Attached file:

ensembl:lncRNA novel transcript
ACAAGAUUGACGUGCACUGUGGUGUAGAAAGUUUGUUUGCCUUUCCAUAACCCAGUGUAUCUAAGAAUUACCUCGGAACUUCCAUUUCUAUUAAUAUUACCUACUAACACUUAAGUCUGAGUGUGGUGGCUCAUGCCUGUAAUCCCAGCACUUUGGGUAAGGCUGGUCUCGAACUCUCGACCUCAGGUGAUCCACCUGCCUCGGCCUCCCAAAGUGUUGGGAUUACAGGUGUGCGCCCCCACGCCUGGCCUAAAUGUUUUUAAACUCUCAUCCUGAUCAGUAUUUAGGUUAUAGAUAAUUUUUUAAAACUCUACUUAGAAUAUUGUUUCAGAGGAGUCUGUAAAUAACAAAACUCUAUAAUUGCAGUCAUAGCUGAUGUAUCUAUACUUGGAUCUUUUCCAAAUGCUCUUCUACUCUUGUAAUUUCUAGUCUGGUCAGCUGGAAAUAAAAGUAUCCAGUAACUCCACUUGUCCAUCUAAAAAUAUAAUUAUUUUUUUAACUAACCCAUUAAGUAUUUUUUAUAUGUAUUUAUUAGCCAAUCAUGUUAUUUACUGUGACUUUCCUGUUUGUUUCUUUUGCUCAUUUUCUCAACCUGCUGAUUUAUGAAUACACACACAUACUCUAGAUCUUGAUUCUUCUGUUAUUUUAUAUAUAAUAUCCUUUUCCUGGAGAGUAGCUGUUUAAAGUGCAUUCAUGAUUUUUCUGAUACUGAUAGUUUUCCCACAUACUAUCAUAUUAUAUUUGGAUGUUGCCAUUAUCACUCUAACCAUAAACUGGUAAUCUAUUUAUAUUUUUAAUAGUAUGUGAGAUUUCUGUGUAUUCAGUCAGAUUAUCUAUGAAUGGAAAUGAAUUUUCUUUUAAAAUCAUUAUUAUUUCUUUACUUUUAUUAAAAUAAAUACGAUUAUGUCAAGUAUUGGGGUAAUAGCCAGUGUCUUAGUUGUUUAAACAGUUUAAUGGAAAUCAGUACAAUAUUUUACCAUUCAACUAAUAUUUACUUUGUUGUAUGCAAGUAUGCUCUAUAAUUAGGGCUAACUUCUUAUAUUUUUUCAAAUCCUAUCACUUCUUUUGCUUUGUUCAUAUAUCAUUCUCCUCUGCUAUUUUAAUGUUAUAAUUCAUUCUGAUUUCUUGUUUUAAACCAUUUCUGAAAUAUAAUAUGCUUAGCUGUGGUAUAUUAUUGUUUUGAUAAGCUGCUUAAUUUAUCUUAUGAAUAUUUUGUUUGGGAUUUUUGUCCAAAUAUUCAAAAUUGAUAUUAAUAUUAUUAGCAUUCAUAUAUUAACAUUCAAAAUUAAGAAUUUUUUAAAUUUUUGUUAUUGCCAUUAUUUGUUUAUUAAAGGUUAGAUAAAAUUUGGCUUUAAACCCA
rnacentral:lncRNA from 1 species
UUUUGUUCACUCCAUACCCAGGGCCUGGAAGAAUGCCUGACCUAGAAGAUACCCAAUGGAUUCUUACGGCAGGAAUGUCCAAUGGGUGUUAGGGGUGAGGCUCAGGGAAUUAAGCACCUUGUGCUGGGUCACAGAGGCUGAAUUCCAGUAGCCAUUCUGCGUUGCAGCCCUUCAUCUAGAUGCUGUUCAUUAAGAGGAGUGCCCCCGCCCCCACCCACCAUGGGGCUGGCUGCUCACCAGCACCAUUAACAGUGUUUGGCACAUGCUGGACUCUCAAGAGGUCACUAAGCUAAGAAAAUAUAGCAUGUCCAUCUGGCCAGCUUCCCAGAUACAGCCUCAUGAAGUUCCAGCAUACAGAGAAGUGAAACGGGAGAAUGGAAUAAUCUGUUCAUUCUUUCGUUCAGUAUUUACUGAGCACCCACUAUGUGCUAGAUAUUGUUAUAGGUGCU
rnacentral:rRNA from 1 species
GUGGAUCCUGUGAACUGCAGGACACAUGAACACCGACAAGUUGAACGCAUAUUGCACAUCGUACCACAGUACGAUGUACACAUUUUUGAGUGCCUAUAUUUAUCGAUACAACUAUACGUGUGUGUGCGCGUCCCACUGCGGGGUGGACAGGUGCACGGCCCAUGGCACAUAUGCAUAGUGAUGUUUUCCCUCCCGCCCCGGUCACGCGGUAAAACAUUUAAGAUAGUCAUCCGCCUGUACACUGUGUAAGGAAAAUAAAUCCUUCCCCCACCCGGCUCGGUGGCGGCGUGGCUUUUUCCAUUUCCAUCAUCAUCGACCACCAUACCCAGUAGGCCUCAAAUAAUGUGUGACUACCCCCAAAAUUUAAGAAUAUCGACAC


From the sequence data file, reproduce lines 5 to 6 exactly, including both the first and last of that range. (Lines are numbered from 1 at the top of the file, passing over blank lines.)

rnacentral:rRNA from 1 species
GUGGAUCCUGUGAACUGCAGGACACAUGAACACCGACAAGUUGAACGCAUAUUGCACAUCGUACCACAGUACGAUGUACACAUUUUUGAGUGCCUAUAUUUAUCGAUACAACUAUACGUGUGUGUGCGCGUCCCACUGCGGGGUGGACAGGUGCACGGCCCAUGGCACAUAUGCAUAGUGAUGUUUUCCCUCCCGCCCCGGUCACGCGGUAAAACAUUUAAGAUAGUCAUCCGCCUGUACACUGUGUAAGGAAAAUAAAUCCUUCCCCCACCCGGCUCGGUGGCGGCGUGGCUUUUUCCAUUUCCAUCAUCAUCGACCACCAUACCCAGUAGGCCUCAAAUAAUGUGUGACUACCCCCAAAAUUUAAGAAUAUCGACAC